Criticism of Proposition 71 Oversight Committee Examined
The New York Times on Tuesday examined the Independent Citizens Oversight Committee created by Proposition 71 and some "difficult issues emerging" for ICOC following its meeting Jan. 6.
Some people have voiced concern about potential conflicts of interest among ICOC board members that "arose because of the appointment to the board of members representing California universities and research institutes that stand to be awarded much of the research money," the Times reports. In addition, some board members represent biotechnology companies.
Some advocates also have questioned whether the meetings comply with state rules governing public access. The method California employs to receive financial reimbursement for discoveries is "another potentially contentious issue," the Times reports (Pollack, New York Times, 1/11).
The Sacramento Bee on Sunday published an interview with Claire Pomeroy, a board member and physician who heads the University of California-Davis School of Medicine and health system. In the interview, Pomeroy discussed issues including the grant application process under Proposition 71 and measuring whether Proposition 71 is successful (Lau, Sacramento Bee, 1/9).
Summaries of recent editorials and opinion pieces addressing Proposition 71 appear below.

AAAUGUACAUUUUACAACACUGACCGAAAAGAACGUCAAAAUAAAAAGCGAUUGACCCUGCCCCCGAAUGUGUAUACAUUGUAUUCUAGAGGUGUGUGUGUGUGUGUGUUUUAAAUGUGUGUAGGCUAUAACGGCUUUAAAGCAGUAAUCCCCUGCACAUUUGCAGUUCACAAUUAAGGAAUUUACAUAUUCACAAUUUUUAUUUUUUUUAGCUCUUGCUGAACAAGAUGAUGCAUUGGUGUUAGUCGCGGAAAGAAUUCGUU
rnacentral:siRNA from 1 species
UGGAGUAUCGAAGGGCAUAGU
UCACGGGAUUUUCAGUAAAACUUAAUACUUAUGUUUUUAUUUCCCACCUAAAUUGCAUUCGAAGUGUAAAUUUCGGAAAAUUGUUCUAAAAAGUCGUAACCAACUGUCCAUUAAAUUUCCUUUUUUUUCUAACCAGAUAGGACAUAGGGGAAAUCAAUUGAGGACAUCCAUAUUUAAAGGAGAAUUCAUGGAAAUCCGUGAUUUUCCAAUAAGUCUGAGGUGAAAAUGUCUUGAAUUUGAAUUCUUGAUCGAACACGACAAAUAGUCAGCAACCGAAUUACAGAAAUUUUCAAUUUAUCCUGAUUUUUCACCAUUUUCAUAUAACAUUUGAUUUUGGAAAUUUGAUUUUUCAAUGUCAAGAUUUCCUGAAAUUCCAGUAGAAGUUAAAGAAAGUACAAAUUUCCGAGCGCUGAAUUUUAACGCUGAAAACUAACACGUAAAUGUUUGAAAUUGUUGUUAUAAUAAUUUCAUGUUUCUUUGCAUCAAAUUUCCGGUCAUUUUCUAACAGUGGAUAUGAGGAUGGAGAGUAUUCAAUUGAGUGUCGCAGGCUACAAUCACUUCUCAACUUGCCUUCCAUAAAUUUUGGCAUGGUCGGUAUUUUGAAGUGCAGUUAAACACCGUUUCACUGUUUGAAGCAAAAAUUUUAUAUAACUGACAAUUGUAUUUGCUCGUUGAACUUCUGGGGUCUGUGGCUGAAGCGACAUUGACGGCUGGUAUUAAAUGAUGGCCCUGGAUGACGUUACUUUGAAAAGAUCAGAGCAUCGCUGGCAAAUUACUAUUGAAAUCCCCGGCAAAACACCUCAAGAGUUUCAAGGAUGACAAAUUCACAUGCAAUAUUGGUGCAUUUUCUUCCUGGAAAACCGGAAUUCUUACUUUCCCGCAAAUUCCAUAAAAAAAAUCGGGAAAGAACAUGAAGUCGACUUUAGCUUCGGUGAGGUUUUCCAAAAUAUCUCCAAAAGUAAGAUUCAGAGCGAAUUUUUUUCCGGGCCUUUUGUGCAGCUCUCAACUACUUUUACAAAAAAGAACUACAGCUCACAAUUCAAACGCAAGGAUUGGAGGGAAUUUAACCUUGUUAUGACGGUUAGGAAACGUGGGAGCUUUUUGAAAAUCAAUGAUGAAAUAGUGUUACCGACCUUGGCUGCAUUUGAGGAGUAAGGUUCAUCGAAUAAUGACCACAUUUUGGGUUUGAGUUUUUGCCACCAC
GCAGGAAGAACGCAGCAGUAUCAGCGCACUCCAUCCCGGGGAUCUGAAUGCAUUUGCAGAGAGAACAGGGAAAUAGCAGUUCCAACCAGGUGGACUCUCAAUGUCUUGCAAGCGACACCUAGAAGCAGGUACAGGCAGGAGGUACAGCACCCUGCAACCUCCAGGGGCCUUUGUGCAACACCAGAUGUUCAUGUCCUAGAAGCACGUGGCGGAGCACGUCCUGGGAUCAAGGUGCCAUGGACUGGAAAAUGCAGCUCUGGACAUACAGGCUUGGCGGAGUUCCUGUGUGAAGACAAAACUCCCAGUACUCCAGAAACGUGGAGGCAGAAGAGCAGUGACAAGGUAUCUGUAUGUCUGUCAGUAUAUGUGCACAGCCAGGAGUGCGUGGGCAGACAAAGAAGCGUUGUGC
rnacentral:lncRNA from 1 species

- Dana Parsons, Los Angeles Times: ICOC "has seemed indifferent to any hint of legislative oversight and initially cavalier about the need for complete openness at its board meetings," Parsons -- a columnist for the Times -- writes in an opinion piece (Parsons, Los Angeles Times, 1/9).
Sacramento Bee: ICOC does not "win any prizes for how it conducted its first two meetings," a Bee editorial states, adding that "a blanket closure" of committee and working group meetings "is unacceptable" (Sacramento Bee, 1/9).
San Francisco Chronicle: "[D]espite what may be the best of intentions," ICOC Chair Robert Klein "should draw a sharp line between the activities of his organization and that of the ICOC," a Chronicle editorial states, concluding that ICOC should "move quickly to appoint its own staff," a move "that will help alleviate some of the confusion about who is in charge and how -- and where -- decisions are being made" (San Francisco Chronicle, 1/5).
San Jose Mercury News: Although Proposition 71 requires ICOC members to reveal any conflicts of interest, members of working groups are not held to the same standard, a Mercury News editorial states, adding that such "conflicts could erode public confidence in the process." The editorial concludes that the committee must "stop a potentially contagious disease -- secrecy -- from doing further damage" (San Jose Mercury News, 1/11).
KPCC's "Air Talk" on Monday included a discussion of the committee's meeting last week. The segment includes comments with Susan Bryant, dean of the School of Biological Sciences at the University of California-Irvine and a member of the committee; Terry Francke, general counsel for Californians Aware; and Joan Samuelson, founder and president of the Parkinson's Action Network and a member of the committee (Mantle, "Air Talk," KPCC, 1/10). The complete segment is available online in RealPlayer.This is part of the California Healthline Daily Edition, a summary of health policy coverage from major news organizations. Sign up for an email subscription.